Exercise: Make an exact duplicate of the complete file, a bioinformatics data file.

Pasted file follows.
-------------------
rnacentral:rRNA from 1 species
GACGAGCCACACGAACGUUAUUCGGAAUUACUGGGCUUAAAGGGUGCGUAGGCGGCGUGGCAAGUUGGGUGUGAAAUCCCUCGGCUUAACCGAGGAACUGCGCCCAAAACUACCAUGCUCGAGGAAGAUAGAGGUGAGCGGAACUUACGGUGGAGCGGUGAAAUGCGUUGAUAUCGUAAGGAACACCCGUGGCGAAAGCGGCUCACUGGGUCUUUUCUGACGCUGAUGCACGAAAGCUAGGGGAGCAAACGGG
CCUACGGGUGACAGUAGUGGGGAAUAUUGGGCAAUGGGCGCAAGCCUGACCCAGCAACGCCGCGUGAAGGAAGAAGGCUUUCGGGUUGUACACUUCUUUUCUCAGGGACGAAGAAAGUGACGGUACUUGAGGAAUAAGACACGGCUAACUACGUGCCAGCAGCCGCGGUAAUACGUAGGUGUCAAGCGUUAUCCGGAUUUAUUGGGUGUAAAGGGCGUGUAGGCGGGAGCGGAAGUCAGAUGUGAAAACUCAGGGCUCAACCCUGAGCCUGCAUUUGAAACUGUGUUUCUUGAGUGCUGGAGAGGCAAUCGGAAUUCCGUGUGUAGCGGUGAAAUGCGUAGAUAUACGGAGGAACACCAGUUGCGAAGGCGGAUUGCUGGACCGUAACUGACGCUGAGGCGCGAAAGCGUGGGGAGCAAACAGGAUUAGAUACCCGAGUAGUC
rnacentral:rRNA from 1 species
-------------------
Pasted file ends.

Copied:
rnacentral:rRNA from 1 species
GACGAGCCACACGAACGUUAUUCGGAAUUACUGGGCUUAAAGGGUGCGUAGGCGGCGUGGCAAGUUGGGUGUGAAAUCCCUCGGCUUAACCGAGGAACUGCGCCCAAAACUACCAUGCUCGAGGAAGAUAGAGGUGAGCGGAACUUACGGUGGAGCGGUGAAAUGCGUUGAUAUCGUAAGGAACACCCGUGGCGAAAGCGGCUCACUGGGUCUUUUCUGACGCUGAUGCACGAAAGCUAGGGGAGCAAACGGG
CCUACGGGUGACAGUAGUGGGGAAUAUUGGGCAAUGGGCGCAAGCCUGACCCAGCAACGCCGCGUGAAGGAAGAAGGCUUUCGGGUUGUACACUUCUUUUCUCAGGGACGAAGAAAGUGACGGUACUUGAGGAAUAAGACACGGCUAACUACGUGCCAGCAGCCGCGGUAAUACGUAGGUGUCAAGCGUUAUCCGGAUUUAUUGGGUGUAAAGGGCGUGUAGGCGGGAGCGGAAGUCAGAUGUGAAAACUCAGGGCUCAACCCUGAGCCUGCAUUUGAAACUGUGUUUCUUGAGUGCUGGAGAGGCAAUCGGAAUUCCGUGUGUAGCGGUGAAAUGCGUAGAUAUACGGAGGAACACCAGUUGCGAAGGCGGAUUGCUGGACCGUAACUGACGCUGAGGCGCGAAAGCGUGGGGAGCAAACAGGAUUAGAUACCCGAGUAGUC
rnacentral:rRNA from 1 species